The “Production Archive” breaks into four smaller domains. Marty McFly Photo Album includes fairly bland 33 photos of the cast. Behind-The-Scenes Photographs adds another 19 shots, most of which include Robert Zemeckis; they come across as fairly uninteresting. The 14 stills in Production Designs appear more useful, as the detail the train and some other elements of III. Lastly, The Trilogy: Poster Concepts features 25 pieces of art. These offer easily the best parts of the “Archive”, especially since we even get to see an ad for Jaws 19.
Music videos for songs from films usually blow, and the clip for ZZ Top’s Doubleback doesn’t alter that impression. It integrates the Top into shots from the movie – or the other way around – and it does so really crudely. The song’s nothing special, and the video seems cheap and dull.
The longest single video program on any of the three DVDs, The Secrets of the Back to the Future Trilogy runs 20 minutes and 39 seconds. Hosted by Kirk Cameron (!), this program apparently was created to promote III. It features questions about various issues, and we see lots of shots from the set to depict some of the “secrets”. These include the effects that brought the hoverboards to life, the physical strains of the shoot, and the creation of the train scene from III. We also hear short interview snippets from Zemeckis, Fox, Thomas F. Wilson, Steenburgen, Neil Canton, Gale, visual effects supervisor Ken Ralston, and supervising model maker Steve Gawley. Much of the material appears elsewhere, and the program seems too puffy and promotional to offer anything terribly worthwhile, but at least the behind the scenes images provide some good pieces.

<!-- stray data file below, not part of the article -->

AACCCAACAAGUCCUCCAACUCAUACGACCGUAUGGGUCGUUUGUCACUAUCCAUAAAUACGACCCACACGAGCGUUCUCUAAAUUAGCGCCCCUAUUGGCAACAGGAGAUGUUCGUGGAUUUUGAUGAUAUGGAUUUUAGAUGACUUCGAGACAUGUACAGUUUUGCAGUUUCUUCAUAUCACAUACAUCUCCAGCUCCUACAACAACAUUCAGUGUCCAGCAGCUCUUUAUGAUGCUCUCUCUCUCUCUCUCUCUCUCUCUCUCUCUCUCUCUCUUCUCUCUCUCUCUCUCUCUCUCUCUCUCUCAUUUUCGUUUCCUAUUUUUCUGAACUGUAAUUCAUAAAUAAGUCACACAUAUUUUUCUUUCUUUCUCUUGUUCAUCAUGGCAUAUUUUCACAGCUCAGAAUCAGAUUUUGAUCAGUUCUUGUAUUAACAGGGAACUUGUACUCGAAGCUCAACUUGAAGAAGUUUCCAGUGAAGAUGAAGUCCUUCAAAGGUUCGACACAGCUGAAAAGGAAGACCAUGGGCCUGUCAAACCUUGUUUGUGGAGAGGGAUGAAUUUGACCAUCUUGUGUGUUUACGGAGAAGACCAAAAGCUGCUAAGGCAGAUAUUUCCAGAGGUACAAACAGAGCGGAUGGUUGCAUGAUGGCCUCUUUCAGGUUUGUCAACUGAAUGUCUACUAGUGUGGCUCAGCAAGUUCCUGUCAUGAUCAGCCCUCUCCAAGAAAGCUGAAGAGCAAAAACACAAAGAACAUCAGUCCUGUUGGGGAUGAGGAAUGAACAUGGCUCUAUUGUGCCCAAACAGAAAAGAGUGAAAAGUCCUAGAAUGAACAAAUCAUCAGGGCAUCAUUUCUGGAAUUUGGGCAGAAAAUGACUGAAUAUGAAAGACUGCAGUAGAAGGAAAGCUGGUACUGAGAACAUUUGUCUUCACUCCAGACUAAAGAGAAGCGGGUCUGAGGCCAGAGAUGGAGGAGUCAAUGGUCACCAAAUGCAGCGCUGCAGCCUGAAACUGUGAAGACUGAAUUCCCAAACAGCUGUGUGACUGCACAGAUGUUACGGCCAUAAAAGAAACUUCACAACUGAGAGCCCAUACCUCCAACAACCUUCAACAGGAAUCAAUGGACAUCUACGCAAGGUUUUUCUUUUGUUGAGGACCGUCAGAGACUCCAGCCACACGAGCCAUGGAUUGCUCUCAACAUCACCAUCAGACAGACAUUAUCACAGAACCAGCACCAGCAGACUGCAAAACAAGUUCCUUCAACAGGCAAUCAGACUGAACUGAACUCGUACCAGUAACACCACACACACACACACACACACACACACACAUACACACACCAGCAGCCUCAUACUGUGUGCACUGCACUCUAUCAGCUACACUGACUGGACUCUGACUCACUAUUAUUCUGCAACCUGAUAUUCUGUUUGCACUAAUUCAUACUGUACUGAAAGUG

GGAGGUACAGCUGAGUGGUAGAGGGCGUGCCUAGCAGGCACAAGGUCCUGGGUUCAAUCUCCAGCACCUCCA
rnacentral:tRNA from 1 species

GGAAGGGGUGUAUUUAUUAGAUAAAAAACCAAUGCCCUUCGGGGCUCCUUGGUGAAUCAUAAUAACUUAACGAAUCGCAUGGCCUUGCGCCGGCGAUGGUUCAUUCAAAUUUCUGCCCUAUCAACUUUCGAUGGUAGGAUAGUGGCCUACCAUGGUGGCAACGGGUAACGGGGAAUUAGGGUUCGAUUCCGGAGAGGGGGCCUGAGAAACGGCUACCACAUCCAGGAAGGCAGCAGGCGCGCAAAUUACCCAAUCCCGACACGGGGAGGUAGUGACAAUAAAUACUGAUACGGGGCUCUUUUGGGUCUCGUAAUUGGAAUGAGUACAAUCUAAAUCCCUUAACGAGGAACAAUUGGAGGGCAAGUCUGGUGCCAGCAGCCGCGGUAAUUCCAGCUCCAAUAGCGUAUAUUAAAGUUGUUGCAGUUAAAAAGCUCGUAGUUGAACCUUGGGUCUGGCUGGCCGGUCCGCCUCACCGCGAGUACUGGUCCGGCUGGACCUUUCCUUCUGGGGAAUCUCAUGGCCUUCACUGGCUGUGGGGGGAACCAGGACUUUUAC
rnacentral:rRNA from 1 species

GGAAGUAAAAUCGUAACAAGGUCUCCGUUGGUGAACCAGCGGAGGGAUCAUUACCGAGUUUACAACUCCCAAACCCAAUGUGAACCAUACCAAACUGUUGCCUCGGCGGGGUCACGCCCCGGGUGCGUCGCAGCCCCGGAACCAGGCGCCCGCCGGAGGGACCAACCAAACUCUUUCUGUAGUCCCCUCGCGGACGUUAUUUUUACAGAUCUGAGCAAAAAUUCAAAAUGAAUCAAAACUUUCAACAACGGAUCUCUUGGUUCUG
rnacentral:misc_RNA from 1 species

For some text information, we go to FAQs About the Trilogy. Composed by Bob Gale and Robert Zemeckis, this question and answer series goes through a lot of interesting issues related to the series. Most of them deal with time paradox concerns, and the Bobs reply openly and amusingly to the problems in this fun extra. Some of this repeats information found in “Secrets” and elsewhere, but the “FAQ” offers a reasonable amount of new material.
A few smaller pieces round out the disc. We find the film’s theatrical trailer as well as an ad for Universal Theme Parks. Cast & Filmmakers provides short biographies of actors Fox, Christopher Lloyd, Mary Steenburgen, Lea Thompson, and Thomas F. Wilson plus director Zemeckis, producers Bob Gale and Neil Canton, and executive producers Steven Spielberg, Kathleen Kennedy, and Frank Marshall. Some decent text production notes finish the set, and the package’s booklet offers general remarks about the trilogy along with details about the three DVDs.